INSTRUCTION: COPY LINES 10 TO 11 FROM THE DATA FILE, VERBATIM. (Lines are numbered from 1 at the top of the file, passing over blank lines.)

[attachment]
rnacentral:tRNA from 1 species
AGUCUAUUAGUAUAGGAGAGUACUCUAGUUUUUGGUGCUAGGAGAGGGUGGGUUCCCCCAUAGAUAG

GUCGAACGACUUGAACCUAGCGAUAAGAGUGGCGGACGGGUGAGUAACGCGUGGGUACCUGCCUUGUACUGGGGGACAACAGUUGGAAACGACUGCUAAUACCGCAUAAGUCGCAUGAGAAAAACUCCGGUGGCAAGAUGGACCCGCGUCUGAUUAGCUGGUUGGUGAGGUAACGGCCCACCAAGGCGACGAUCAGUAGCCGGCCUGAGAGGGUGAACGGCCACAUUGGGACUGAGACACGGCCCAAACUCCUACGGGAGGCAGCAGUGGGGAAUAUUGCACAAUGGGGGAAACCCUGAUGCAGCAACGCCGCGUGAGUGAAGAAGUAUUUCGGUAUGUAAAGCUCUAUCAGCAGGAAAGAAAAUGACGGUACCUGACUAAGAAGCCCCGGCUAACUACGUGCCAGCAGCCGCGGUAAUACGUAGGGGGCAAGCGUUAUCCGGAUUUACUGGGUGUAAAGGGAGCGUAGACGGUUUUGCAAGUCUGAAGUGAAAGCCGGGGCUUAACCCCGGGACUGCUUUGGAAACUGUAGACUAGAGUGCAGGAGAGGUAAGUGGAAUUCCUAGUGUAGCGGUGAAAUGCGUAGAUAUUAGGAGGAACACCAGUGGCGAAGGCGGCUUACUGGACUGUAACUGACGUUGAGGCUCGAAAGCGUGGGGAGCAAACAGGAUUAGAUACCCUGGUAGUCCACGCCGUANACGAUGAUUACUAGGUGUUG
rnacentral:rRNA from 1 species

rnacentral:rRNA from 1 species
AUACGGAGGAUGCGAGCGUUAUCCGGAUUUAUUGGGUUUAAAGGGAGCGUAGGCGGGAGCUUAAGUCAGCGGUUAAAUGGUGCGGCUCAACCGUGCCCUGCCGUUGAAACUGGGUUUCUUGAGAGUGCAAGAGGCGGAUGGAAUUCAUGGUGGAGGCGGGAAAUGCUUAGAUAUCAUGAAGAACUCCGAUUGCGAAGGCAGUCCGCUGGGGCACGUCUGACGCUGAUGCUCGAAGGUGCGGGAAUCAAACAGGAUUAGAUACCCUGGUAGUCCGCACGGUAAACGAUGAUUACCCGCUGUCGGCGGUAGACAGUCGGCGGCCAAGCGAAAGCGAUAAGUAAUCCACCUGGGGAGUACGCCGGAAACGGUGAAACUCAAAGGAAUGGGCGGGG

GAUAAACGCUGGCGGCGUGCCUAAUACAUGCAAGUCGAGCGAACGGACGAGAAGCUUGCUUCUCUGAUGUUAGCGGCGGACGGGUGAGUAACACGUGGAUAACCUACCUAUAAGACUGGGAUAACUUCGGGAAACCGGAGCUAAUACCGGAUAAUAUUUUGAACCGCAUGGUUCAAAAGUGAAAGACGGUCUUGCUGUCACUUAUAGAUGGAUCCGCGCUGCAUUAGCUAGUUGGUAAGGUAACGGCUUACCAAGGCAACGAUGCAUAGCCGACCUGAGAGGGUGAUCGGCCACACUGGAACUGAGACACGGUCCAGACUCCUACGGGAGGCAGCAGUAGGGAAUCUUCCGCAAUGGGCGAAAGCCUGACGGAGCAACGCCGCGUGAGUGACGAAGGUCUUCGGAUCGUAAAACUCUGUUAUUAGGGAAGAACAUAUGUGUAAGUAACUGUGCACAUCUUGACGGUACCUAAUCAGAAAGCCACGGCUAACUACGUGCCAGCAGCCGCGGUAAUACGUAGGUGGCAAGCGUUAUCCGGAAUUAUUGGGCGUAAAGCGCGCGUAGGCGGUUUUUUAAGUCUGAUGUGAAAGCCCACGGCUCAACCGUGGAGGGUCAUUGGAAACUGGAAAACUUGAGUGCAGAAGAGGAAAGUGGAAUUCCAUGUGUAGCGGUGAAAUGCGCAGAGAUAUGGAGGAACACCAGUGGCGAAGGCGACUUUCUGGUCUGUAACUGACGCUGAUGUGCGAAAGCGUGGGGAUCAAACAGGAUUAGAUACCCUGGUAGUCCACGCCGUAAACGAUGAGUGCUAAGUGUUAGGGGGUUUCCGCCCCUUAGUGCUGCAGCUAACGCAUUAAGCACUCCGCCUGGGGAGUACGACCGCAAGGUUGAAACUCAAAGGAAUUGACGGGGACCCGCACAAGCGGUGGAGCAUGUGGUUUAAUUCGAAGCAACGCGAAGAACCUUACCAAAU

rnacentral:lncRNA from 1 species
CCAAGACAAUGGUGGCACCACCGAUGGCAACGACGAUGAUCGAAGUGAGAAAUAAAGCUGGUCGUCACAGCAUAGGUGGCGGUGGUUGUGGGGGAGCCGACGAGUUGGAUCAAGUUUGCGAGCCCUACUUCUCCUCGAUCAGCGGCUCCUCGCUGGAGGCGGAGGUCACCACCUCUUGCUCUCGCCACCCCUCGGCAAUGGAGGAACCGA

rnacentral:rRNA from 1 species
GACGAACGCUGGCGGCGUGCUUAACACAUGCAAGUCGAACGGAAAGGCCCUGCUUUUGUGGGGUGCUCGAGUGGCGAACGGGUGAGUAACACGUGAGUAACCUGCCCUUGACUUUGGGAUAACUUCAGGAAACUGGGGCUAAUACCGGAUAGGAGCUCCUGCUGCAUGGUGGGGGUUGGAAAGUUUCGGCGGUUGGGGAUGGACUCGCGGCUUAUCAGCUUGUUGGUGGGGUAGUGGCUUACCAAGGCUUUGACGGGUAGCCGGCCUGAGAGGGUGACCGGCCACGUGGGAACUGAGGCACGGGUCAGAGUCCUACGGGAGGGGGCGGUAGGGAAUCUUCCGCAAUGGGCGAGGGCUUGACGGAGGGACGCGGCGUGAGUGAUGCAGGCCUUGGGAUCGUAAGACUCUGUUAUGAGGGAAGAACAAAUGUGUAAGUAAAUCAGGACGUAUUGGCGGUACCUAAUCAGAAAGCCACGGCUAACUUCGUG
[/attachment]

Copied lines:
rnacentral:rRNA from 1 species
GACGAACGCUGGCGGCGUGCUUAACACAUGCAAGUCGAACGGAAAGGCCCUGCUUUUGUGGGGUGCUCGAGUGGCGAACGGGUGAGUAACACGUGAGUAACCUGCCCUUGACUUUGGGAUAACUUCAGGAAACUGGGGCUAAUACCGGAUAGGAGCUCCUGCUGCAUGGUGGGGGUUGGAAAGUUUCGGCGGUUGGGGAUGGACUCGCGGCUUAUCAGCUUGUUGGUGGGGUAGUGGCUUACCAAGGCUUUGACGGGUAGCCGGCCUGAGAGGGUGACCGGCCACGUGGGAACUGAGGCACGGGUCAGAGUCCUACGGGAGGGGGCGGUAGGGAAUCUUCCGCAAUGGGCGAGGGCUUGACGGAGGGACGCGGCGUGAGUGAUGCAGGCCUUGGGAUCGUAAGACUCUGUUAUGAGGGAAGAACAAAUGUGUAAGUAAAUCAGGACGUAUUGGCGGUACCUAAUCAGAAAGCCACGGCUAACUUCGUG